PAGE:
TIME.-From Summer, A.D. 43, to Spring, A.D. 44.

May God, for the sake of Jesus Christ, give me the Holy Spirit, that I may

understand this portion of His Holy Word, and profit by it.

AMEN.

THE SCRIPTURE. Acts, chap. XII, verses 24, 25; and XIII. 1–12. 24,25 But the word of God grew and multiplied. And Barnabas and

Saul returned from Jerusalem, when they had fulfilled their ministry

[or, charge), and took with them Jobu, whose surname was Mark. 13 Now there were in the church that was at Antioch certain prophets

and teachers; as Barnabas, and Simeon that was called Niger, and Lucius

of Cyrene, and Manaen, which had been brought up with Herod the 2 tetrarch, [or Herod's fosterbrother,) and Saul. As they ministered

tn the Lord, and fasted, the Holy Ghost said, “ Separate me Barnabas 3 and Saul for the work whereunto I have called them." And when they

had fasted and prayed, and laid their hands on them, they sent them 4 away. So they, being sent forth by the Holy Ghost, departed unto 5 Seleucia ; and from thence they sailed to Cyprus. And when they were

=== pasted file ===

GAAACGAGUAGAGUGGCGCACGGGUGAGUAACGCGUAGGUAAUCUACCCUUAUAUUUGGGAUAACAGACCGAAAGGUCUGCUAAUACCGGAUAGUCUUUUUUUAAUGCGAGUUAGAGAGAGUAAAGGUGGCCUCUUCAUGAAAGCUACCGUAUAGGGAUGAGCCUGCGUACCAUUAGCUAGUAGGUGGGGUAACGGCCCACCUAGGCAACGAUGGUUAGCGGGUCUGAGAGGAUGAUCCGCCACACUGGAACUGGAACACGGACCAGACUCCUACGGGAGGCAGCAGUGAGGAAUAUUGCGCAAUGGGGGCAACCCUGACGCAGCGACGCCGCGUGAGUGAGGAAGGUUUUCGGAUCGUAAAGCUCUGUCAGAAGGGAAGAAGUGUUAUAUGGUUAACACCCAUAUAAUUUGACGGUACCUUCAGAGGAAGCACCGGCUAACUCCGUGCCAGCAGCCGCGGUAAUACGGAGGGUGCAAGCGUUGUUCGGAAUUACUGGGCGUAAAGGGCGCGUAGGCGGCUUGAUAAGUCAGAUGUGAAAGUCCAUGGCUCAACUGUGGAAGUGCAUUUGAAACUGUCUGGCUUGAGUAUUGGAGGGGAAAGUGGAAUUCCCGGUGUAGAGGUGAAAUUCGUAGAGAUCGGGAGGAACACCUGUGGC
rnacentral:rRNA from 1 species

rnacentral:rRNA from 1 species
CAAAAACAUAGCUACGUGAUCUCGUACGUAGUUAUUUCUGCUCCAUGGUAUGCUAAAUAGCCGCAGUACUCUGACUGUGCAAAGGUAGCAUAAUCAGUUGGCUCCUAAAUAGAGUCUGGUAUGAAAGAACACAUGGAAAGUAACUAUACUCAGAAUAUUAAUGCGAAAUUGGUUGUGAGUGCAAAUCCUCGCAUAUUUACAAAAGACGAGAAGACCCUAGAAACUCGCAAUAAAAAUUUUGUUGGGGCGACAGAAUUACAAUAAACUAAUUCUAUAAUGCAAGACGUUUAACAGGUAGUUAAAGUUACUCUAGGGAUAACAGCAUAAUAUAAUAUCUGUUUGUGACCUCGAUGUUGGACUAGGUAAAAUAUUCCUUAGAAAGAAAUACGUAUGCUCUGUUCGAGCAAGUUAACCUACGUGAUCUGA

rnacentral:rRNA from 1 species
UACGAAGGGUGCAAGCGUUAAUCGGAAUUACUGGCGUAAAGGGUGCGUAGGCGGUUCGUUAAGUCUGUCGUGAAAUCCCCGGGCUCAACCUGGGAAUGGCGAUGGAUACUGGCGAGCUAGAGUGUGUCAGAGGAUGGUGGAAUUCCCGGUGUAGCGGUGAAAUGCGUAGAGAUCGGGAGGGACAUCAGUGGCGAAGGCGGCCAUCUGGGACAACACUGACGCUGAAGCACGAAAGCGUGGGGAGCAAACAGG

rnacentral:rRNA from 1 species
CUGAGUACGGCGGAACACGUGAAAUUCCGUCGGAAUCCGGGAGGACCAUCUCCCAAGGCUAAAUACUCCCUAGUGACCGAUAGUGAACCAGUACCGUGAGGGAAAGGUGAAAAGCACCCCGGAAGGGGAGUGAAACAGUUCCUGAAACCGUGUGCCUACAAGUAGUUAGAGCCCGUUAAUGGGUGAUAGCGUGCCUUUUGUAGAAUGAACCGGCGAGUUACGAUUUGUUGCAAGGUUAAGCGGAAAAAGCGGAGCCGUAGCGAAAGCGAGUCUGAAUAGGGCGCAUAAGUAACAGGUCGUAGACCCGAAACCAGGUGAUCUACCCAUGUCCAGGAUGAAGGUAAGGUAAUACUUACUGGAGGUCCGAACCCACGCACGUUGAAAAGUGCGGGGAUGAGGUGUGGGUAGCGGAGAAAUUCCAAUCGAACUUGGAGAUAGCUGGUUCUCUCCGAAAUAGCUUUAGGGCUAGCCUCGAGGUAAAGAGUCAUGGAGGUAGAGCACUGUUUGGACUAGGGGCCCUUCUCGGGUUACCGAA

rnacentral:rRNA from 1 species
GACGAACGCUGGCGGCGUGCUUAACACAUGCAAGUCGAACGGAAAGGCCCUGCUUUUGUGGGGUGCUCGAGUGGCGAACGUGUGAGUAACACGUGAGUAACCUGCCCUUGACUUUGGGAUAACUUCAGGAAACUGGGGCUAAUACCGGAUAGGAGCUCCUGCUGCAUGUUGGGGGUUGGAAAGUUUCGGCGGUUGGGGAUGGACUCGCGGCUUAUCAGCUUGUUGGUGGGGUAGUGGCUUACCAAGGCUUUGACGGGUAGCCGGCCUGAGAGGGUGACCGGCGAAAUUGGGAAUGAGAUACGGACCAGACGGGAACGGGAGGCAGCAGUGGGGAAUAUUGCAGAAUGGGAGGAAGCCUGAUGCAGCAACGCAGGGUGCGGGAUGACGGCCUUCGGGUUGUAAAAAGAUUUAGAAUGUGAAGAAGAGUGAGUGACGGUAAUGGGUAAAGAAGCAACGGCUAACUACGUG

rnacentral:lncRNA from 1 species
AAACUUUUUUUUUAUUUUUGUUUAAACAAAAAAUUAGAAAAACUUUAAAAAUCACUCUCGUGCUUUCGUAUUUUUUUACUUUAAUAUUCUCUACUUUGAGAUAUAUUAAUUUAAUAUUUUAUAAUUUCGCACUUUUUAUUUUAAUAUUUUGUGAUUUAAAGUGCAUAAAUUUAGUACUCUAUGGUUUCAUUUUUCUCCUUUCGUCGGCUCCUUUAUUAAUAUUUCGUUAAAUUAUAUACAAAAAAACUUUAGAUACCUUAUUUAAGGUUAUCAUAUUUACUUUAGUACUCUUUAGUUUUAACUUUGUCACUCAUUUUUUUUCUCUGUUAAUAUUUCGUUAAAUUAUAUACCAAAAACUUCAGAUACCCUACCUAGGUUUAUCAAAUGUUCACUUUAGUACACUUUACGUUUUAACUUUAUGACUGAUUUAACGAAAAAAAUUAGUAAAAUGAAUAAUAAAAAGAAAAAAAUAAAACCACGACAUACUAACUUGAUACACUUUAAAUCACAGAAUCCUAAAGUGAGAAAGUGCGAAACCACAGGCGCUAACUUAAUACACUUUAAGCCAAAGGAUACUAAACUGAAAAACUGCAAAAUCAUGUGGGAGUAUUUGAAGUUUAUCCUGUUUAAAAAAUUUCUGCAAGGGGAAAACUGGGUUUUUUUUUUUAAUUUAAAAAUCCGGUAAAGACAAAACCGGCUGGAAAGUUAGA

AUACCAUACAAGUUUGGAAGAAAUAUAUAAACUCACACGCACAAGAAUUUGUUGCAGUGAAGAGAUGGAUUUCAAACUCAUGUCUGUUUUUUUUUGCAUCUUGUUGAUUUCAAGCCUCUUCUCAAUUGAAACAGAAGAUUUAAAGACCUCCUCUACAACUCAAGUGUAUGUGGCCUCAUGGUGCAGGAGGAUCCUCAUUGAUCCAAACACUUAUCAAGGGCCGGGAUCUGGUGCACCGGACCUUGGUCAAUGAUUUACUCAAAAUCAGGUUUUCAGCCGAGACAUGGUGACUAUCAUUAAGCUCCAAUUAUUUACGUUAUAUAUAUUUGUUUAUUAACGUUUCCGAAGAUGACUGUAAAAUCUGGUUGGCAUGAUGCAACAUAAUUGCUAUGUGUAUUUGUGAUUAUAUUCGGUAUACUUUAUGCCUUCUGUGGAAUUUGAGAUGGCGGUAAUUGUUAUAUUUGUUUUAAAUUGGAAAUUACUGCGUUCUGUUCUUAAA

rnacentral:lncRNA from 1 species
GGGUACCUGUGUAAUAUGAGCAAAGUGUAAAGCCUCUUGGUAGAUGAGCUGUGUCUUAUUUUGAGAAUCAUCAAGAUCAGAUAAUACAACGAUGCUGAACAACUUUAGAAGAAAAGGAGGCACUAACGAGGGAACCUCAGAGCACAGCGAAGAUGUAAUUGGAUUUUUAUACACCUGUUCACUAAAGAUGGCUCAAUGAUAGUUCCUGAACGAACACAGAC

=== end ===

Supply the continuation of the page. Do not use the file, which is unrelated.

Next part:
at Salamis, they preached the word of God in the synagogues of the 6 Jews : and they had also John to their minister. And when they had

gone through tbe isle unto Paphos, they found a certain sorcerer, a false 7 prophet, a Jew, whose name was Bar-jesus : which was with the deputy

of the country, Sergius Paulus, a prudent man; who called for Barna8 bas and Saul, and desired to hear the word of God. But Elymas the

sorcerer (for so is his name by interpretation) withstood them, seeking 9 to turn away the deputy from the faith. Then Saul, (who also is called 10 Paul,) filled with the Holy Ghost, set his eyes on him, and said, “ O full

TWENTY-SECOND PORTION.

The death of Herod. PLACE.—Cæsarea.

TIME.--- Summer, A.D. 43.

May God, for the sake of Jesus Christ, give me the Holy Spirit, that I may understand this portion of His Holy Word, and profit by it. Amen.

THE SCRIPTURE. Acts, chap. XII. verses 20 to 23. And Herod was highly displeased [or, bare an hostile mind, intending 20 war) with them of Tyre and Sidon : but they came with one accord to hin, and, having made Blastus the king's chamberlain (that was over the king's bedchamber] their friend, desired peace; because their country was nourished by the country. And upon set day Herod, ar- 21 rayed in royal apparel, sat upon his throne, and made an oration into them. And the people gave a shout, saying, It is the voice of a god, 22 and not of a man.” And immediately the angel of the Lord smote him, 23 because he gave not God the glory: and he was eaten of worms, and gave up the ghost.